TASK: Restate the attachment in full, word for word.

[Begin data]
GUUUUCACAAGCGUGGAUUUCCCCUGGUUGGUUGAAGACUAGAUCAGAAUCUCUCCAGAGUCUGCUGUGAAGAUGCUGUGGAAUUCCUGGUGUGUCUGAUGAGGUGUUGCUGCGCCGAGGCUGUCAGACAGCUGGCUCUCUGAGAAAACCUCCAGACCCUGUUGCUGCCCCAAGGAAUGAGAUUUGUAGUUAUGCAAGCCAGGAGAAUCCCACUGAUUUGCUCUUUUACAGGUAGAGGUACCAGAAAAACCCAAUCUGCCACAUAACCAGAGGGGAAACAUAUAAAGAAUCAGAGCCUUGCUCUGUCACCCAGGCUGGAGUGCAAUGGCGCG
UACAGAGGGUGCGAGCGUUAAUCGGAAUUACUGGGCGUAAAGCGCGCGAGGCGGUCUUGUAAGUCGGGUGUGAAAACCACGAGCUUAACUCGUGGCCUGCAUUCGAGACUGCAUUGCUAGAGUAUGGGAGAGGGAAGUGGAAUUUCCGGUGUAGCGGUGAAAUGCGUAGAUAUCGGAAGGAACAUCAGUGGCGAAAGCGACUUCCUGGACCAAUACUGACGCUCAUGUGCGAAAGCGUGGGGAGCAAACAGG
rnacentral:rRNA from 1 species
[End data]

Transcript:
GUUUUCACAAGCGUGGAUUUCCCCUGGUUGGUUGAAGACUAGAUCAGAAUCUCUCCAGAGUCUGCUGUGAAGAUGCUGUGGAAUUCCUGGUGUGUCUGAUGAGGUGUUGCUGCGCCGAGGCUGUCAGACAGCUGGCUCUCUGAGAAAACCUCCAGACCCUGUUGCUGCCCCAAGGAAUGAGAUUUGUAGUUAUGCAAGCCAGGAGAAUCCCACUGAUUUGCUCUUUUACAGGUAGAGGUACCAGAAAAACCCAAUCUGCCACAUAACCAGAGGGGAAACAUAUAAAGAAUCAGAGCCUUGCUCUGUCACCCAGGCUGGAGUGCAAUGGCGCG
UACAGAGGGUGCGAGCGUUAAUCGGAAUUACUGGGCGUAAAGCGCGCGAGGCGGUCUUGUAAGUCGGGUGUGAAAACCACGAGCUUAACUCGUGGCCUGCAUUCGAGACUGCAUUGCUAGAGUAUGGGAGAGGGAAGUGGAAUUUCCGGUGUAGCGGUGAAAUGCGUAGAUAUCGGAAGGAACAUCAGUGGCGAAAGCGACUUCCUGGACCAAUACUGACGCUCAUGUGCGAAAGCGUGGGGAGCAAACAGG
rnacentral:rRNA from 1 species